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Archive for the ‘current events’ Category

I am very concerned about this issue.  I would encourage you to be informed, pray, and get involved in stopping human trafficking.

Here are 14 ways to get started and keep going.

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This map is being updated as fresh protests erupt around the world.  Use it to pray for wisdom, resolve, and courage for leaders as this crisis continues to grow.

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Anders Breivik’s sentence for killing 77 people in Norway on July 22, 2011 is outrageous. He was deemed sane and sentenced to serve 21 years in prison “in a three-cell suite of rooms equipped with exercise equipment, a television and a laptop.” That’s 100 days of posh prison time for each person he murdered, with a legal release possible at age 53. Life is cheap in Norway.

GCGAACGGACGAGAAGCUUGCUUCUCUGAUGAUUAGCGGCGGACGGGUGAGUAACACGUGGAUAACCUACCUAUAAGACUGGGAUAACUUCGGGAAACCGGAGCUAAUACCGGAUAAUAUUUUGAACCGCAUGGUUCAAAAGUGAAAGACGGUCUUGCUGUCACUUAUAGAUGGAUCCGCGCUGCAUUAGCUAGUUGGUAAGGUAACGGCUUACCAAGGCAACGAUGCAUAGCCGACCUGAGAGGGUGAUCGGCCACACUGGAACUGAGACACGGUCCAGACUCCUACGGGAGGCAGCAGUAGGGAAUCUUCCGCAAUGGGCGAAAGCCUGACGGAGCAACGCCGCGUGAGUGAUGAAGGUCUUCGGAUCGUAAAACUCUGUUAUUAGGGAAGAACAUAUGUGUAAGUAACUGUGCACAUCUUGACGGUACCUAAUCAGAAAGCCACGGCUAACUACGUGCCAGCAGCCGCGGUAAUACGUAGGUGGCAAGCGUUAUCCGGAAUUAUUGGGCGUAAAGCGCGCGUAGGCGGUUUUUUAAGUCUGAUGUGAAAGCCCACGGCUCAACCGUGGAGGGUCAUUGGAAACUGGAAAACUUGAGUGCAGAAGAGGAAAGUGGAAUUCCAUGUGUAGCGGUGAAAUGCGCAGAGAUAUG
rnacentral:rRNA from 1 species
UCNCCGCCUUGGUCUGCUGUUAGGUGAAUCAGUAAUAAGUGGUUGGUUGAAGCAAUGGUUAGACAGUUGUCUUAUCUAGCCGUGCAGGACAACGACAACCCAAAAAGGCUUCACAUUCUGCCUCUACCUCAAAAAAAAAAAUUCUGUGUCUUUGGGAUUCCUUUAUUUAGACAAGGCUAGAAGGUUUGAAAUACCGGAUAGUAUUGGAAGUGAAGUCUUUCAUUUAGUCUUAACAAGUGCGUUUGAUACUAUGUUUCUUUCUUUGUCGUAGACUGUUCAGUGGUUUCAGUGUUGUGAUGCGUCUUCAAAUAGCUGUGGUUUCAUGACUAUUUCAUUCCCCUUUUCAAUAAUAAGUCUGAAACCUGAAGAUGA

The news agencies explained that such a sentence

is consistent with Norway’s general approach to criminal justice. Like the rest of Europe . . . Norway no longer has the death penalty and considers prison more a means for rehabilitation than retribution.

They explained that “many Europeans” consider America’s criminal justice system to be “cruelly punitive.” And the blog post I am now writing, naturally, would fall into the category of vindictive.

Do you see the error in this? C. S. Lewis did.

Keep reading John Piper’s article on this travesty of justice.

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WORLD reports:

A 17-year battle over the right for New York City churches to rent and use public school buildings for weekend worship services appears to have come to a close.

On Friday, U.S. District Judge Loretta Preska issued a permanent injunction against the New York Department of Education, calling its policy that prohibits church access to school property after hours a violation of the religious groups’ First Amendment rights.

There’s more here–“A Sigh of Relief”

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Dr. Albert Mohler reviews the top ten news stories as he sees them for 2011.  No particular ranking intended

  1. The Arab Spring
  2. Tsunami/Earthquake in Japan
  3. Death of Tyrants and Terrorists
  4. Occupy Wall Street
  5. Natural Disasters in US
  6. Explosion of Sports Scandals
  7. The EU Fights for Survival
  8. Political Frustration in the US
  9. Notable deaths